Thursday, January 22, 2015
In defense of multi-camera sitcoms
Before MULLANEY premiered there were big articles from the folks responsible claiming they were doing something really daring by committing to a multi-cam format. The show itself is terrible and has been unanimously rejected by America, but trust me, it’s not because of the number of cameras.
Was anybody bothered by the fact that CHEERS was multi-camera? Or FRIENDS? Or FRASIER? Or SEINFELD? Or ALL IN THE FAMILY, THE DICK VAN DYKE SHOW, or THE MARY TYLER MOORE SHOW? You get the idea.
The fact that the bar has been so lowered by shows like 2 BROKE GIRLS doesn’t mean quality shows can’t be mounted. Networks just have to buy them and writers have to write them.
The swing away from multi-camera shows has been such an over-reaction. It’s as if theater owners no longer staged plays because movies gained in popularity. No one wants to just watch actors relate to each other on a stage when they can see giant explosions and special effects on a screen.
Obviously there’s room for both.
Why can’t that be translated to today's television? I’d like to think if Noel Coward was around in the ‘90s he’d be writing for FRASIER. I'd probably be squeezed out to make room for him.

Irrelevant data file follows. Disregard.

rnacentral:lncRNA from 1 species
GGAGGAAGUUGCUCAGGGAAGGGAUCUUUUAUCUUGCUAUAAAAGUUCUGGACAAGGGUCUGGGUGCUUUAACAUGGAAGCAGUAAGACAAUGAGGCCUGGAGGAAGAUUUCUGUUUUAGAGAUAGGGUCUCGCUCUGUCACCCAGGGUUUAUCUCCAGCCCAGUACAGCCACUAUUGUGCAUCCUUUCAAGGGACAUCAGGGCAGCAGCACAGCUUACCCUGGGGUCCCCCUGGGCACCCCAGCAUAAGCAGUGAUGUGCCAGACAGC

With a few rare exceptions, every great iconic sitcom from I LOVE LUCY to SEINFELD has been multi-camera.
Networks just have to once again embrace them. And I’m not just speaking to major broadcast carriers. Premium cable networks and streaming services -- this goes for you too. Who subscribes to these services? People with money who can afford them. Grown ups. The same grown ups who grew up on quality multi-camera shows. God forbid Amazon or Netflix or HBO would air a new series in this format.
There aren’t comedy writers currently toiling on middling single camera shows who wouldn’t kill to do their own CHEERS? There aren’t network executives who would love to be proud of their comedies and not have to justify them with bullshit excuses or niche numbers?
It sure seems worth doing... and not just because they feel obligated to toss in a couple of gluten-free items. Oh, and another thing – multi-camera shows are CHEAPER. So really, what’s the big downside?
UPDATE: But if you're a big fan of single camera shows, I have one for you to check out. It's DOWN DOG, one of the Amazon pilots currently under consideration. It was written/created by Robin Schiff who co-created ALMOST PERFECT with us and wrote ROMY & MICHELE'S HIGH SCHOOL REUNION quite nicely without our help. Here's where you go. And if you like it, please give it a whole bunch of stars. Thanks.